• The child’s relationship with his or her parent(s), siblings, and other actively involved family members
• The child’s adaptation to their current environment
• The mental and physical well-being of all parties involved
• A history of domestic abuse
• The natural parents’ reasons for placing the child in the care of a ‘de facto’ parent
When you already have a child, you’ll be the child’s primary caregiver and financial supporter. In such cases, you may seek custody unless the child’s parents can demonstrate a compelling reason for temporarily placing the child in your care.
Domestic violence, attending school, or looking for work are just a few of the reasons.
What Are the Rights of Grandparents in Terms Of Child Custody?
Grandparents may be granted custody rights in some cases by the court. In most cases, grandparents with custody rights live with the child, make important decisions about the child’s upbringing, and provide basic needs.
In general, for a grandparent to be granted custody, the child’s parents must be unable or unwilling to raise the child. Furthermore, the grandparents must demonstrate that they’re capable of raising the child.
When the child’s parents die or are unable to raise the child, this is an example of a situation like this. The following are some of the reasons a parent may be deemed unfit:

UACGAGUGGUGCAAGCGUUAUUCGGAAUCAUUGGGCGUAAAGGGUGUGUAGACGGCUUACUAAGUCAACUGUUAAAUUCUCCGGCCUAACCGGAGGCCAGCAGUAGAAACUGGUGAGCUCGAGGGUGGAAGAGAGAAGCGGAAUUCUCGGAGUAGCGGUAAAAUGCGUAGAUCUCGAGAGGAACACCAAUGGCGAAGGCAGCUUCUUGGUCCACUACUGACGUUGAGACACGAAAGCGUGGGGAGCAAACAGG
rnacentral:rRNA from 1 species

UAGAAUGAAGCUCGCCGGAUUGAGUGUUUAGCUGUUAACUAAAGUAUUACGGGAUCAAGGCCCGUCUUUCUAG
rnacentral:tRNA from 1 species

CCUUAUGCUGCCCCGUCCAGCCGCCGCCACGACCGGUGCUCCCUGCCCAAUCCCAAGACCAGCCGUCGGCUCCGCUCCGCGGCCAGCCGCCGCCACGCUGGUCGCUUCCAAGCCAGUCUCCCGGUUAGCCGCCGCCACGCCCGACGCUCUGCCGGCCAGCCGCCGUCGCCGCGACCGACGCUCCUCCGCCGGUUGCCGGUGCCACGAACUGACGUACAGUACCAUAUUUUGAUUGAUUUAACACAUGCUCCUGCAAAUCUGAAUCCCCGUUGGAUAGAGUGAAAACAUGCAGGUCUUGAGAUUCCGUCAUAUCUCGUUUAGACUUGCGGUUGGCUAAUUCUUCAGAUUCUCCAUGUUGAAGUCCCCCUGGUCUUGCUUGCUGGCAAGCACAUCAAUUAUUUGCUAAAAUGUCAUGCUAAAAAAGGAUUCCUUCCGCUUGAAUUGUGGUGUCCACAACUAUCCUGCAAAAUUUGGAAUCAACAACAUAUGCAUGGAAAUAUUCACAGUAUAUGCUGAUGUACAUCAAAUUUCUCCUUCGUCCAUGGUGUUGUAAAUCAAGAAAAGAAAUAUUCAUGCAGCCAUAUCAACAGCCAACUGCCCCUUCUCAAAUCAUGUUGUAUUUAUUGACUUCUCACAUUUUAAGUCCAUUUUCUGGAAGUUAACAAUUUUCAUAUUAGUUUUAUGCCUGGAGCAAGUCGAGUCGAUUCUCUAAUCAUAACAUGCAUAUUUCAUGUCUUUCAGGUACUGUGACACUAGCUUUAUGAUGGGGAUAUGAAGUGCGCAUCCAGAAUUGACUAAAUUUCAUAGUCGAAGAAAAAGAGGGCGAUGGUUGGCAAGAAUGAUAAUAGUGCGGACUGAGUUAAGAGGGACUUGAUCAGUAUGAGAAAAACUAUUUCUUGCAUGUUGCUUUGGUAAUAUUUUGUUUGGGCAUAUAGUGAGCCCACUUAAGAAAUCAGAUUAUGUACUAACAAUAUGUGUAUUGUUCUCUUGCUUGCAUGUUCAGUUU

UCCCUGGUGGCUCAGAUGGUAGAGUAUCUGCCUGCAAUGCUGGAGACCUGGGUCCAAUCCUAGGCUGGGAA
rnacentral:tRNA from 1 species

• The court has ruled that the child is living in an unsafe environment.
• The court has ruled that the parent endangers the child’s welfare.
• The parent has a history of child neglect or abuse.
• The parent has a history of substance abuse.
• The parent has a mental illness that prevents them from adequately providing for their child.
Grandparents can also demonstrate that they’re capable and willing to take on the responsibility of raising the child.
When the court determines that it’s in the best interests of the child to award custody to the grandparents, the court will do so.
The following are some of the factors the court will consider when deciding whether it’s in the best interests of the child to award custody to grandparents:
• The grandparents’ financial ability to care for the child